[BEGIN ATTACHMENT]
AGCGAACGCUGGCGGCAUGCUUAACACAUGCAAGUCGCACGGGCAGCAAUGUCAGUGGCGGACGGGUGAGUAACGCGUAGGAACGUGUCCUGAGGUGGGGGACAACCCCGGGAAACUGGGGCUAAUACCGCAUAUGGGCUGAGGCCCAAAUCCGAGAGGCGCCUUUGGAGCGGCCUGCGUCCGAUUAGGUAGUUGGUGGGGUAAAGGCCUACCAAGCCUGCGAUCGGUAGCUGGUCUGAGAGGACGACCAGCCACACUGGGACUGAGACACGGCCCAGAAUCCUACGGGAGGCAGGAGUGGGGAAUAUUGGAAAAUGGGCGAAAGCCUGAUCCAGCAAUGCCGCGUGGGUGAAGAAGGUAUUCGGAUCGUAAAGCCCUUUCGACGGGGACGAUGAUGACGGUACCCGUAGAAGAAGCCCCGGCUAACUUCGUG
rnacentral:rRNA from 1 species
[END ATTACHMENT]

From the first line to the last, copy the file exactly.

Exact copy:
AGCGAACGCUGGCGGCAUGCUUAACACAUGCAAGUCGCACGGGCAGCAAUGUCAGUGGCGGACGGGUGAGUAACGCGUAGGAACGUGUCCUGAGGUGGGGGACAACCCCGGGAAACUGGGGCUAAUACCGCAUAUGGGCUGAGGCCCAAAUCCGAGAGGCGCCUUUGGAGCGGCCUGCGUCCGAUUAGGUAGUUGGUGGGGUAAAGGCCUACCAAGCCUGCGAUCGGUAGCUGGUCUGAGAGGACGACCAGCCACACUGGGACUGAGACACGGCCCAGAAUCCUACGGGAGGCAGGAGUGGGGAAUAUUGGAAAAUGGGCGAAAGCCUGAUCCAGCAAUGCCGCGUGGGUGAAGAAGGUAUUCGGAUCGUAAAGCCCUUUCGACGGGGACGAUGAUGACGGUACCCGUAGAAGAAGCCCCGGCUAACUUCGUG
rnacentral:rRNA from 1 species